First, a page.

In this project we want to learn about British history by studying the Y chromosomes of men with old local surnames, to provide us with a link to the DNA of people in the past. We are particularly interested in the history of the Vikings. We know that these people left a lasting legacy on our language, landscape and place-names. But did they leave any genetic trace in today's population?

To answer this question, we wish to obtain DNA samples from men with old local surnames from the north of England. Men carrying such names are very likely to have inherited them from ancestors who lived in the area only a few generations after the Vikings settled in the region.

We have nearly completed recruitment for this study, but still require participants bearing one of the eligible surnames listed below. DNA donation is simply via a saliva sample, and volunteers will receive a description of their own Y-chromosome type when the work is completed in 2013.

If you are a man carrying one of these surnames, your father's father was born in the north of England (Cheshire, Cumbria, Lancashire, Yorkshire, Durham or Northumberland) and you would like to take part in the study, please read on below.

How to take part in the study

Men interested in taking part are asked to register to attend one of the recruitment events listed below. Here participants (and anyone interested in the study) will be able to come along, listen to a talk, ask questions about the project and give a DNA sample on the day.

January 21st, 2012, York, New Earswick Folk Hall, Meeting Room at 10am-12 noon
January 21st, 2012, Harrogate, St Paul's Church Hall, Belford Road, off Victoria Avenue, at 3-5pm
January 22nd, 2012, Lancaster, St. John's Church, North Road, LA1 1PA at 9-11am
January 22nd, 2012, Keswick, Crosthwaite Parish Room, Main Street, at 3-5pm

To register to take part please fill in your details in the form here. In this study we require only one man per surname (including surname spelling variants). As representatives for each surname come forward, we will continue to list the remaining surnames for which we do not yet have participants on the drop-down list on the registration page. If you do not have one of the eligible surnames but would still like to attend one of the events, please click here.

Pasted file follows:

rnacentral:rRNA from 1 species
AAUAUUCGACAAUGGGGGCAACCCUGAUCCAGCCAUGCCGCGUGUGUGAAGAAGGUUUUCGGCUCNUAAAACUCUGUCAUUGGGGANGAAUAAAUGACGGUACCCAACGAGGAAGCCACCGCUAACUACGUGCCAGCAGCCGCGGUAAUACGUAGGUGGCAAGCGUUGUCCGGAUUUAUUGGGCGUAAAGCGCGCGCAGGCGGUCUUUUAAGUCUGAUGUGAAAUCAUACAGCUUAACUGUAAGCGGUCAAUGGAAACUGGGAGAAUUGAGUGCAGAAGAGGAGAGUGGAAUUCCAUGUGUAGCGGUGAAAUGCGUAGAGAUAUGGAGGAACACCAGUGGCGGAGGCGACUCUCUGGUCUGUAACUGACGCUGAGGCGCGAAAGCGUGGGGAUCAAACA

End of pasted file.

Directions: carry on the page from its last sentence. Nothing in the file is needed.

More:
What does taking part involve?

Aside from the talk, participating will take around 10 minutes of your time and enable you to find out more about your ancestry and the history of the Britain. We ask that you fill out a questionnaire about your ancestry, sign a consent form, and donate a saliva sample that provides us with the DNA that we need.

Participants will be provided with a summary of the results, designed for a layperson, at the end of the study in 2013. In addition we will provide a copy of each participant's Y chromosome genetic fingerprint and an explanation sheet designed for the layperson.

During this project we are looking at normal variation only, and no targeted tests of any medical consequence are done. However, while analyzing Y-chromosomal variation it can be found, in very rare cases, that a man has lost part of his Y chromosome which is related to fertility. Therefore, if potential participants are concerned about the risks of detecting infertility, we would suggest that they do not take part.

To register to take part please fill in your details in the form here. In this study we require only one man per surname (including surname spelling variants). As representatives for each surname come forward, we will list the remaining surnames for which we do not yet have participants.

The surnames we are interested in

The only criteria for participating are that you are a man whose father's father was born in the north of England (Cheshire, Cumbria, Lancashire, Yorkshire, Durham or Northumberland) and that your surname is one of those listed below.

Exact spellings only, please. If you think that your surname is an unlisted variant of one of these names, please



Individuals who have one of the eligible surnames who wish to take part but are not able to attend one of the events are asked to

Further information

Individuals with queries are asked to email Turi King at, or telephone 07957 725246.

Links to previous surnames studies: